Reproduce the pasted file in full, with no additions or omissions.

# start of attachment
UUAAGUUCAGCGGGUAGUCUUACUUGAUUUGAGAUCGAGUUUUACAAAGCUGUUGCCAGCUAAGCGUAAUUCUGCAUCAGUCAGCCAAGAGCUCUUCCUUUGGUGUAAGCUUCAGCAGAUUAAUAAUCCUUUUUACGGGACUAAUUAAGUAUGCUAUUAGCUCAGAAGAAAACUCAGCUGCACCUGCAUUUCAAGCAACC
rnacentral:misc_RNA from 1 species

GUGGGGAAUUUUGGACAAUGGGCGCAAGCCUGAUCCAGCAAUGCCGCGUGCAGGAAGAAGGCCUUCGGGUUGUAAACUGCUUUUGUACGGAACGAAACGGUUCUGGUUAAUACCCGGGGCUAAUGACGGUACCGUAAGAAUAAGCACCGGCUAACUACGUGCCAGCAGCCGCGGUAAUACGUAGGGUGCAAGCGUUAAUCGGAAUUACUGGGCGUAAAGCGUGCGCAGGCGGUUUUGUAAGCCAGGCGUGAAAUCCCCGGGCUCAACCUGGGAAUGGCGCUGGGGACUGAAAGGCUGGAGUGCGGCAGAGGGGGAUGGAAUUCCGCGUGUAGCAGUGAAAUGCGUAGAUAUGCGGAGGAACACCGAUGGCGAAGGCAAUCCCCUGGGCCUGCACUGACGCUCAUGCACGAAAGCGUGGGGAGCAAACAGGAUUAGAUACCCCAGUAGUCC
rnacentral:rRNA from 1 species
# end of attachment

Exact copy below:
UUAAGUUCAGCGGGUAGUCUUACUUGAUUUGAGAUCGAGUUUUACAAAGCUGUUGCCAGCUAAGCGUAAUUCUGCAUCAGUCAGCCAAGAGCUCUUCCUUUGGUGUAAGCUUCAGCAGAUUAAUAAUCCUUUUUACGGGACUAAUUAAGUAUGCUAUUAGCUCAGAAGAAAACUCAGCUGCACCUGCAUUUCAAGCAACC
rnacentral:misc_RNA from 1 species

GUGGGGAAUUUUGGACAAUGGGCGCAAGCCUGAUCCAGCAAUGCCGCGUGCAGGAAGAAGGCCUUCGGGUUGUAAACUGCUUUUGUACGGAACGAAACGGUUCUGGUUAAUACCCGGGGCUAAUGACGGUACCGUAAGAAUAAGCACCGGCUAACUACGUGCCAGCAGCCGCGGUAAUACGUAGGGUGCAAGCGUUAAUCGGAAUUACUGGGCGUAAAGCGUGCGCAGGCGGUUUUGUAAGCCAGGCGUGAAAUCCCCGGGCUCAACCUGGGAAUGGCGCUGGGGACUGAAAGGCUGGAGUGCGGCAGAGGGGGAUGGAAUUCCGCGUGUAGCAGUGAAAUGCGUAGAUAUGCGGAGGAACACCGAUGGCGAAGGCAAUCCCCUGGGCCUGCACUGACGCUCAUGCACGAAAGCGUGGGGAGCAAACAGGAUUAGAUACCCCAGUAGUCC
rnacentral:rRNA from 1 species